Campaigners are hitting back at zoo proposals to cull adult male gorillas, arguing they should be returned to the wild instead.
Overcrowding of critically endangered western lowland gorillas in zoos has led the influential European Association of Zoos and Aquaria (Eaza) to consider killing adult males of the species. Eaza is the body that regulates most of the zoos in Europe.
Western lowland gorillas are the smallest of the four gorilla subspecies, standing at 4 to 6 feet (122cm to 183cm) when upright. In the wild they are critically endangered. The exact number of western lowland gorillas is not known because they inhabit some of the most dense and remote rainforests in Africa. Because of poaching and disease, the gorilla’s numbers have declined by more than 60% over the last 20 to 25 years.
Leaked documents seen by the Guardian reveal that culling, castration and keeping adult single males in solitary confinement for a large portion of their lives are seen as potential solutions to an overpopulation of the species in zoos. The gorilla population in Eaza zoos consists of 463 individuals (212 males, 250 females and one of unknown sex) at 69 institutions.
The gorilla action plan, released to stakeholders in zoos, admits that culling would be “the most appropriate tool if strictly talking from the biological point of view,” but that the decision could be unpopular with the public.
The document reads: “The main downside of this option is that it is controversial in many countries and in some illegal, in specific circumstances. Any discussion on culling can quickly become an emotional one because it is easy to empathise with gorillas. This carries a high risk that an emotional response by the public and/or zoo staff and keepers, catalysed by social media, inflicts damage to zoos and aquariums.”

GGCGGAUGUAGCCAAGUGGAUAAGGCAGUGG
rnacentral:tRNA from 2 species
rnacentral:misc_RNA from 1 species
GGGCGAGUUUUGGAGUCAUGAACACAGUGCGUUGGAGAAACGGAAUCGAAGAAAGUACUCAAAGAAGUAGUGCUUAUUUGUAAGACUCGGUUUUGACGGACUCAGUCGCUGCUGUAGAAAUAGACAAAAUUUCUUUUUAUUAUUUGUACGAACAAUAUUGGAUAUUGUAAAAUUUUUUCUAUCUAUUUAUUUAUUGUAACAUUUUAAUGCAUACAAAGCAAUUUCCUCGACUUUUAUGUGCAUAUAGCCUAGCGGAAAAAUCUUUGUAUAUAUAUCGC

Once male gorillas reach a certain age, zoos do not keep them in all-male groups, because of the risk of violence. Zoos are also loth to keep them in mixed groups, as there would be nowhere to house any resultant offspring.
Other animals that are given non-breeding recommendations in European zoos because of overpopulation include white tigers, pumas and ocelots.
Conservationist and rewilder Damian Aspinall, who runs wildlife parks in Kent, is working with Carrie Johnson to draw attention to the plight of animals in zoos. He believes these gorillas should be returned to the wild rather than culled.
He said: “It’s a sad day for the zoological community when they are considering culling gorillas when there is a great opportunity to re wild gorillas like the Aspinall Foundation has done for 30 years, having rewilded over 70 gorillas.”
Nevertheless, some scientists argue that it is too difficult to return gorillas to the wild in most cases, as there is not enough habitat to safely release them and avoid conflict with others of the species – and humans – and that they can carry diseases that may wipe out wild populations.
Dr Ben Garrod, a primatologist and professor of evolutionary biology and science engagement at the University of East Anglia, said: “The last thing anyone serious about conservation and welfare wants is to discuss culls, but they can serve a function in some situations. Introducing any large mammal to the wild comes with so many considerations and difficulties, and great apes are an especially risky group.